Superannuation is constantly changing and with an approaching election, it’s likely there will be more changes to come, no matter who wins. The current changes we do know, however affect employers, employees, and self-funded retirees.
Employees and Employers
There are significant changes for employers and employees as follows:
From 1 July 2022, all employees will receive the compulsory super guarantee no matter they earn. This is due to the removal of the $450 month threshold, that operated for years.
The Super Guarantee Rate will increase from 10% to 10.5% from 1 July 2022
Personal super concessional contributions (Tax deductible Contributions) will remain at $27,500 per person.
Personal super Non concessional contributions (tax free contributions) will remain at $110,000.
First home Super Saver Scheme is increased from $30,000 to $50,000 per person.
If you are a employer you will need to factor in the increase in the compulsory superannuation for the 2022-23 financial year. You may also need to look at your payroll software, to make changes for employees earning under $450 per month. You also need to ensure that your super contributions are paid on time, or you may not be entitled to a tax deduction for the late payment of super. Late payment of super is also a time-consuming administrative process, as SG forms need to be lodged and other costs incurred.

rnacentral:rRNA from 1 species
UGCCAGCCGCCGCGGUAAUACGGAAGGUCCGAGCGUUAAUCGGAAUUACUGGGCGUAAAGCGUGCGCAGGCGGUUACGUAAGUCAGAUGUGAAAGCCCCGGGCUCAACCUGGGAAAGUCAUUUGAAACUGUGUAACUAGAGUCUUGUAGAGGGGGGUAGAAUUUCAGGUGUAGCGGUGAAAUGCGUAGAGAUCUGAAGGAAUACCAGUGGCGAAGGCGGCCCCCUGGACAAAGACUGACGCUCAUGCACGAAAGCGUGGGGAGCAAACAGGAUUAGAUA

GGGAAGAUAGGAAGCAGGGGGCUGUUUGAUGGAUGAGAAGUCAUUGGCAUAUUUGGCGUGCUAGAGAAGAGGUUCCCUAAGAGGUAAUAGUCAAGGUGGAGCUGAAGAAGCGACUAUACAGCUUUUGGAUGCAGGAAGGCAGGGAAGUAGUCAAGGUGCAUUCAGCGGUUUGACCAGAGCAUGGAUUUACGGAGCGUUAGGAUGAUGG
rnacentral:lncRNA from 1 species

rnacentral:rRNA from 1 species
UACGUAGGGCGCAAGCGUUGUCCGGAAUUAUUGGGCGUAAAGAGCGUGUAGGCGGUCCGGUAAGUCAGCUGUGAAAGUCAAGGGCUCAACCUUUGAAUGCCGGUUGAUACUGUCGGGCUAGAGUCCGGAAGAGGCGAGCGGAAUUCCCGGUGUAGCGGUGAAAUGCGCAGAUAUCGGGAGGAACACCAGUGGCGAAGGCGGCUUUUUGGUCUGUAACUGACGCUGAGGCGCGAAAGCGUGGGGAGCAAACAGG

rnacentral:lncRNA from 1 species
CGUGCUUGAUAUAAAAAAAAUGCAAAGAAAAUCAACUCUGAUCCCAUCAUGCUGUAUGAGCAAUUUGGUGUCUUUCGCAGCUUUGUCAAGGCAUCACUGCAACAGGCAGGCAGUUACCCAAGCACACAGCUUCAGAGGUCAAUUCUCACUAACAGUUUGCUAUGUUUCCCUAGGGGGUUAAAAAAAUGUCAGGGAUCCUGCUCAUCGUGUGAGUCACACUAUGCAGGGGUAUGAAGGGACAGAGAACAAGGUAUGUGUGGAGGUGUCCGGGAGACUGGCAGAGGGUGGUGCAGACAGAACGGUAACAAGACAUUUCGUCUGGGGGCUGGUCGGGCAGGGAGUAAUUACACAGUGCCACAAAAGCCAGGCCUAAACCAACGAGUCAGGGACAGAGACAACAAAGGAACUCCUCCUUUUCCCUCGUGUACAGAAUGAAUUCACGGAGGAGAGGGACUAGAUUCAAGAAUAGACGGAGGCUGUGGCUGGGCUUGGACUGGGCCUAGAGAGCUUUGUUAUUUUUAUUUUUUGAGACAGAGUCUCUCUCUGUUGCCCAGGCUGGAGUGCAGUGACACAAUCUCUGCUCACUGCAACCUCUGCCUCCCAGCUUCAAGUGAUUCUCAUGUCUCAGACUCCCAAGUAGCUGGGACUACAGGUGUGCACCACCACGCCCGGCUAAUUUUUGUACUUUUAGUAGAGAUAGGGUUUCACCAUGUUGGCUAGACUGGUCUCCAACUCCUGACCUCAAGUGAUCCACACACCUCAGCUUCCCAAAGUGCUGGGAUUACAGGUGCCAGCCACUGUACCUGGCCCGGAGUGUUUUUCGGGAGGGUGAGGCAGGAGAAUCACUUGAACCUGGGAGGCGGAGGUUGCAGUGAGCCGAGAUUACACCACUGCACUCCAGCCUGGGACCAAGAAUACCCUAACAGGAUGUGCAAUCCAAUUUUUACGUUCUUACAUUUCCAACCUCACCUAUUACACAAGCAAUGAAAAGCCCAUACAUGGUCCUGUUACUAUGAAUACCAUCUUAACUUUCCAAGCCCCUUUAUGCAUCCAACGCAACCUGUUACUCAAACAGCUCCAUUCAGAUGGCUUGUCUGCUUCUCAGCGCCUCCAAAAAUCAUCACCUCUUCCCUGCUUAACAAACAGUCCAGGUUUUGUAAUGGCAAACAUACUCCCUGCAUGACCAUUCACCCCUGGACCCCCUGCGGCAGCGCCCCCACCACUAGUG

For self-funded retirees the following changes will be in place from 1 July 2022:
The work test is removed for Retirees aged between 67-74 for non concessional contributions. This means that you are able to contribute $110,000 to your fund with no requirement to satisfy the work test.
However, if you wish to make personal concessional contributions to super (Tax deductible contributions) you must satisfy the work test. This remains at 40 hours work in a 30-day period during the year of contribution.
The 50% reduction in the minimum pension drawdown is extended to 30 June 2022
The downsizer contribution eligibility age is reduced to 60 years of age. This means if you sell your home, you may be able to contribute $300,000 (600,000 per couple) of the proceeds to super without affecting your other contribution limits.
The above changes are welcome news for self-funded retirees, especially the pension draw down minimum during these uncertain times.
If you have any queries on the above changes, please contact us. We also recommend that if you intend to make any large contributions or changes to your super you consult us before the change.
This article was written by Peter Gill and appeared in our April 2022 newsletter.